Flaming Brothers is a classic 1980s Triad movie about two men's trials and tribulations as members of Macau's underworld. In their childhood, these two are street urchins who gladly accept food from an orphan who is only slightly higher up the food chain herself. As adults, Chow Yun Fat and Alan Tang rise to positions of power in Macau, but also face some difficult and entertaining challenges. From Hong Kong to Thailand and back to the former Portuguese colony, this film provides an entertaining and gut-wrenching example of all the best that the triad film offers; action, romance, melodrama and a hearty does of pathos. Lots of blood squibs, too! Besides, where else would you get to see a movie written by Wong Kar Wai in which Patrick Tse wears two different fur coats AND get to see Chow Yun Fat lip-synch to Anita Mui while wearing the same make-up? This film's conclusion, however, is anything but light-hearted. Nonetheless, it is inherently gratifying even in its tragedy.

One of my favorite Wong Kar Wai films is his first, the Andy Lau/Maggie Cheung/Jackie Cheung classic As Tears Go By. It may be the penultimate example of what became for Lau a recurring, and frequent role; the young rascal kid with a good heart. Maggie Cheung is as engaging and enchanting as ever, playing the innocent New Territories girl Ngor whose heart belongs to the Kowloon bad boy Wah. Jackie Cheung is Fly, a rascal with the patience of an Australian hand grenade and a temper to match. Wah is constantly getting him out of sticky situations that are always of his own making. Imagine if The Pope of Greenwich Village were set in Mongkok. Can you do that for me? It's easy to do when the cinematography by Andrew Lau gives us a first and beautiful glimpse at what would become a Wong Kar Wai trademark; the blurry action sequence. An informal survey of women in Hong Kong of various ages validates this film's status as one of the classic "Wah Jai" films of his early career. (A close second in the "favorite Andy Lau goo wat jai" results was A Moment of Romance).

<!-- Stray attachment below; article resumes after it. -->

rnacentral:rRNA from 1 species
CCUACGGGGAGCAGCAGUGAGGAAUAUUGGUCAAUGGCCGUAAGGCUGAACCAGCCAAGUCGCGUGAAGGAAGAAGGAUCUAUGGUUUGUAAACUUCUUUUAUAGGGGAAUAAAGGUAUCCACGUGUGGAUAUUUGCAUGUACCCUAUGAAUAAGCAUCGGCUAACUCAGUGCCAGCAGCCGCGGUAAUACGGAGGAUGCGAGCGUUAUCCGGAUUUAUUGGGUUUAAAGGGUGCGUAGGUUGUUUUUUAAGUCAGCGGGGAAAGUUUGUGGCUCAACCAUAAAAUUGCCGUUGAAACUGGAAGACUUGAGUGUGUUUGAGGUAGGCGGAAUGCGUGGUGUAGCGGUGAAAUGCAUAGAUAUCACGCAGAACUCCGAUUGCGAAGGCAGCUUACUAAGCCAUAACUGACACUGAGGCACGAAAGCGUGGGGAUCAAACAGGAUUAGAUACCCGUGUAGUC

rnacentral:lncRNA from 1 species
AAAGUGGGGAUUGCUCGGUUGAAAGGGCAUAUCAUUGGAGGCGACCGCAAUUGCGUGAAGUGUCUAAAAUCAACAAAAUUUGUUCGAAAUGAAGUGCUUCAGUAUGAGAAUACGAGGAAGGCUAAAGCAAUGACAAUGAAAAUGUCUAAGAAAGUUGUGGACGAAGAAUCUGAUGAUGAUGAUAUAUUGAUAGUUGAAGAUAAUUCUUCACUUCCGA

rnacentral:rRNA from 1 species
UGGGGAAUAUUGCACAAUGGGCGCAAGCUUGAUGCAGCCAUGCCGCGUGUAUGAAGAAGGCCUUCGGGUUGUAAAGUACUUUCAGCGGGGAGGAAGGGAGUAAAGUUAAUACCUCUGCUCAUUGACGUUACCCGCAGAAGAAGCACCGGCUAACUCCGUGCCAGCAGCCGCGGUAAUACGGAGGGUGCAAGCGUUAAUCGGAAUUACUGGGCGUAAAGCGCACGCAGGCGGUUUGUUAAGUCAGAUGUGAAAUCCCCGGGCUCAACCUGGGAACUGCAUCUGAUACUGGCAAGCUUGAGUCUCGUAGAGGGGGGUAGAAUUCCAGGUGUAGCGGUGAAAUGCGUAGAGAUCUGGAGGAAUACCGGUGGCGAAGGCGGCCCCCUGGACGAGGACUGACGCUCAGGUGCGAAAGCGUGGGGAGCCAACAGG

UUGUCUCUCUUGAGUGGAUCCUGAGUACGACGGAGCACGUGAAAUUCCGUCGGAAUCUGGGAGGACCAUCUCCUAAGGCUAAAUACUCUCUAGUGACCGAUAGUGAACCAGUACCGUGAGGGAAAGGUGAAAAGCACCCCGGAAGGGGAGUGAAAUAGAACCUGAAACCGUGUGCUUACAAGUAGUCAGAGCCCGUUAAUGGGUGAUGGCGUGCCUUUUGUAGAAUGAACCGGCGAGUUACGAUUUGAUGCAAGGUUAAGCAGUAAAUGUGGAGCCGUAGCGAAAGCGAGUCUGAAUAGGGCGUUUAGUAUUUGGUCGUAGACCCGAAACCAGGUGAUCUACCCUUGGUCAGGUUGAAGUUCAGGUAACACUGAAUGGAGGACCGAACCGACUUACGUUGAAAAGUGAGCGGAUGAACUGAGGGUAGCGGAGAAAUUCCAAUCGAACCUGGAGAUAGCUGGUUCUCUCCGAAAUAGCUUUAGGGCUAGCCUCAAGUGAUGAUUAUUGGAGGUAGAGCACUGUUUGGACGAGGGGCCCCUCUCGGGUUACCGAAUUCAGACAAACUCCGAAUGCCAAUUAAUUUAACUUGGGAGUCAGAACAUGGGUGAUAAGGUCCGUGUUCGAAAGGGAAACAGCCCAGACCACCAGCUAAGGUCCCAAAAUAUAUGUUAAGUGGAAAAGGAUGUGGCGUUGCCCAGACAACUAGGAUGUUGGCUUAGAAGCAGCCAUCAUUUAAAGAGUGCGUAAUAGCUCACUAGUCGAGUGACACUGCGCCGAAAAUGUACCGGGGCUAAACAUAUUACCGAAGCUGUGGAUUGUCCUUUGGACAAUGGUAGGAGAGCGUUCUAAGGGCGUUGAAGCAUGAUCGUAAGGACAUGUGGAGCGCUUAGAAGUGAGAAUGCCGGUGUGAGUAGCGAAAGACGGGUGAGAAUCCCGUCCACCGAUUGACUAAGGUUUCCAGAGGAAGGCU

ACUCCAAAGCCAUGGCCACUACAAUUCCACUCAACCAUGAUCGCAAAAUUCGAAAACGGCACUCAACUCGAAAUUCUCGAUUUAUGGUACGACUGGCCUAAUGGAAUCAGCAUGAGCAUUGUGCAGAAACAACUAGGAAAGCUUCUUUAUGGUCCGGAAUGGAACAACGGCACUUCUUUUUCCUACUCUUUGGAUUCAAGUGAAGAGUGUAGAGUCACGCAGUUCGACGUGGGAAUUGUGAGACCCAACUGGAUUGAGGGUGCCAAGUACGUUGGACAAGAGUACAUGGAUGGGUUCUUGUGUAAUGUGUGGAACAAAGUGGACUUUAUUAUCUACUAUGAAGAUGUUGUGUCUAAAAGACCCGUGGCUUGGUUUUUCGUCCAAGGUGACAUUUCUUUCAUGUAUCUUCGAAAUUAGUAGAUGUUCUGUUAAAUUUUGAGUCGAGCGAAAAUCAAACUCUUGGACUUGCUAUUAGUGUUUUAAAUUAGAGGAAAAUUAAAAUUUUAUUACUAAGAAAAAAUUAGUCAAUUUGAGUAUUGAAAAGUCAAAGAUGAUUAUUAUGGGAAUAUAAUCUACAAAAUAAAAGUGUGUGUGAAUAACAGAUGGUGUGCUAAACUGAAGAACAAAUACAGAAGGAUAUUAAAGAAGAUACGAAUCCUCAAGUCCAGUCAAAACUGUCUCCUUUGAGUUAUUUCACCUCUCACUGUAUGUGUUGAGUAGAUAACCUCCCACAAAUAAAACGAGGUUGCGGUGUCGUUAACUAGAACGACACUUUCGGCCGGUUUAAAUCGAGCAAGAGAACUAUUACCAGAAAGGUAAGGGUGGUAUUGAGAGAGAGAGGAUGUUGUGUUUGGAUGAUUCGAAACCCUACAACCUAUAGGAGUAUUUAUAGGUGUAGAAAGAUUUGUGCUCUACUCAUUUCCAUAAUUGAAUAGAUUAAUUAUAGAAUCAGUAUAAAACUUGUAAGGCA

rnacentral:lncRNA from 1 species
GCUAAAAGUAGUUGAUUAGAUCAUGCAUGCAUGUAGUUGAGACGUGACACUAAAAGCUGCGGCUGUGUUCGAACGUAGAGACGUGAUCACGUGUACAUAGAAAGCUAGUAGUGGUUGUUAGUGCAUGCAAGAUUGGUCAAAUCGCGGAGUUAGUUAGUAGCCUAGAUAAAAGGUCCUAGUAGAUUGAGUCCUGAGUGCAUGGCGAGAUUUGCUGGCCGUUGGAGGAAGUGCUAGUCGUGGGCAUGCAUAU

Another film from the same period, Hong Kong Godfather features a cast of familiar faces, among them Lo Lieh (who also directed), Joey Wang Cho-Yin, Roy Cheung and Tommy Wong Kwong-Leung, acting his usual berserk self. When the head of the Hung Hing (!) society is framed for murder, it is up to his son, played by Andy Lau, to clear the matter up. This movie contains several "Did I just see what I think I saw?" moments that make it well worth seeking out. In addition, it is one of the movies that make it easy to see why people accused filmmakers of producing what are essentially recruiting films. All in all, this is a must-see film, though the last thing we see is as prophetic as it is enigmatic...


Andrew Lau's Young and Dangerous series launched a whole universe of sequels and spin-offs (Young and Dangerous 1-6, Born to Be King, Those Were the Days, Portland St. Blues, The Legendary Tai Fei, Once Upon a Time in a Triad Society 1 & 2, etc.). The Young & Dangerous series is the story of a group of 'rascal kids' from Tze Wan Shan, a housing estate of no small notoriety (LMF grew up there), who rise to the top of the Hung Hing Society (is there an echo in here?). Widely excoriated as recruitment films, they depict triad activity, especially by young people, in music video, manga-inflected visuals that are as captivating as they are disturbing. The spin offs tell the back stories of characters such as Sister 13 (Portland St. Blues), Tai Fei (The Legendary Tai Fei), and Ugly Kwan (Once Upon a Triad Society 1&2).

HK Triad is the story of two men, each on one side of the law. Lau Ching Wan and Francis Ng, a gangster and cop respectively, rise to a position of uncontested dominance of Hong Kong's underworld precisely because they inhabit both sides of the law. Lau plays Ho, a man of such moral vacuity that his greatest concern during a throat-slashing is that his suit doesn't get stained. He looks resplendent in a sharkskin suit; the film is rather unique for its late 50s/early 60s decor and soundtrack, as well as what may be the only use of piranha torture in cinematic history. Athena Chu plays a young woman on the verge of being pimped. By her mother. A rare attempt at moralizing from Wong Jing, the film's pathos derives from the tensions between characters, the main locus of which is a love quadrangle between Lau, Ng, Chu, and Michael Tse Tin-Wah as Piggy. Much of the film takes place inside the Kowloon Walled City, a lawless patch of land in which, due to a political anomaly, neither Britain nor China had any real authority. While not a triad film in the strictest sense, it still tells a compelling story about a life of successful crime that nonetheless ends in tragedy.

Hong Kong's triad films are a heady mixture of fact and fiction, of honor and treachery, of good and evil. They show us both realistic and highly idealized portrayals of people who are very, very real. These kinds of dichotomies are underscored by the revelation that real life and movies rarely if ever capture one another; taking that into account, the truth of the triads probably lies somewhere in between.

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Published December 8, 2005